Australia: Asset funding sources for investment in capital assets for farmers

Last Updated: 23 January 2014

How asset funding choices can make or break your farming business

The decision to acquire assets is a major commitment for many businesses. For rural enterprises in particular, there is often a need to purchase expensive capital equipment, and the funding of those capital acquisitions requires careful planning.

The key business decision is whether to fund the acquisition outright, using available cash, or to spread the cost of funding over a set period. Rather than paying for the asset outright using cash, it can often make sense, from a cash flow perspective, to look for ways of spreading the cost of acquiring an asset. By financing the asset purchase, you are able to spread the cost of owning or leasing the asset so that those costs better coincide with the timing of the revenue generated by your business.

The most common sources of available medium term finance for investment in capital assets are:

  • Hire purchase.
  • Chattel mortgage.
  • Leasing.

Hire purchase, chattel mortgage and leasing are all examples of financing facilities. These financing facilities allow you to use a new farming asset over a fixed period, in return for regular payments back to a finance company. The regular, fixed nature of the hire purchase, chattel mortgage or lease payments, and the defined terms of funding, can be a great assistance with forecasting your cash flow and planning your business activities accordingly.

It is important to note that these types of financing facilities are medium to long term contractual commitments, so it may not be possible to terminate them early. Or if it is possible, it may prove costly to do so (in terms of fees, charges, interest payable recalculations etc). So this does need to be taken into account when initially considering a financing contract.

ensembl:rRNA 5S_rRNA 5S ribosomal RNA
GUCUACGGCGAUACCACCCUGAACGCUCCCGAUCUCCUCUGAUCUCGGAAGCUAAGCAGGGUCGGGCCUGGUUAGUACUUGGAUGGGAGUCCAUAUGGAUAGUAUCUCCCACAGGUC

However, as long as you make all of your scheduled payments, these facilities offer you the advantage of being secure medium to long term funding facilities which cannot be withdrawn or repayable on demand, unlike overdraft facilities.

What is the difference between hire purchase and chattel mortgage?

A hire purchase contract is a legally binding agreement between you and your financier. The amount repayable is calculated over a fixed term at a fixed rate with fixed repayments (usually monthly). Generally, you will have a choice of a residual value (or lump sum balloon payment) when the term expires, depending on the age, type, usage and depreciation of the financed goods. A hire purchase agreement is a contract for the hire of goods where the title in the goods remains with your financier. The title does not pass to you until either the option to purchase is exercised by you, or the final installment is paid.

Alternatively, under a chattel mortgage agreement, you take title in the chattel from the time of purchase. You finance the purchase price (or part thereof) of the chattel by way of a loan obtained from your lender and then apply the borrowed funds as payment to the supplier for that chattel.

What is the difference between a lease and hire purchase/chattel mortgage?

A finance lease allows you the use of the goods for the specified lease period. However, the lessor who grants the finance lease remains the owner of the asset until all rentals have been paid by you, including the residual value.

Funding advantages and disadvantages

Each funding option has unique advantages and disadvantages that, depending on your situation, will mean that one option will suit you more than another. Your Moore Stephens Accountant and Advisor can help you assess your funding options and advise how each of the advantages and disadvantages below relate to your specific circumstances.

This publication is issued by Moore Stephens Australia Pty Limited ACN 062 181 846 (Moore Stephens Australia) exclusively for the general information of clients and staff of Moore Stephens Australia and the clients and staff of all affiliated independent accounting firms (and their related service entities) licensed to operate under the name Moore Stephens within Australia (Australian Member). The material contained in this publication is in the nature of general comment and information only and is not advice. The material should not be relied upon. Moore Stephens Australia, any Australian Member, any related entity of those persons, or any of their officers employees or representatives, will not be liable for any loss or damage arising out of or in connection with the material contained in this publication. Copyright © 2014 Moore Stephens Australia Pty Limited. All rights reserved.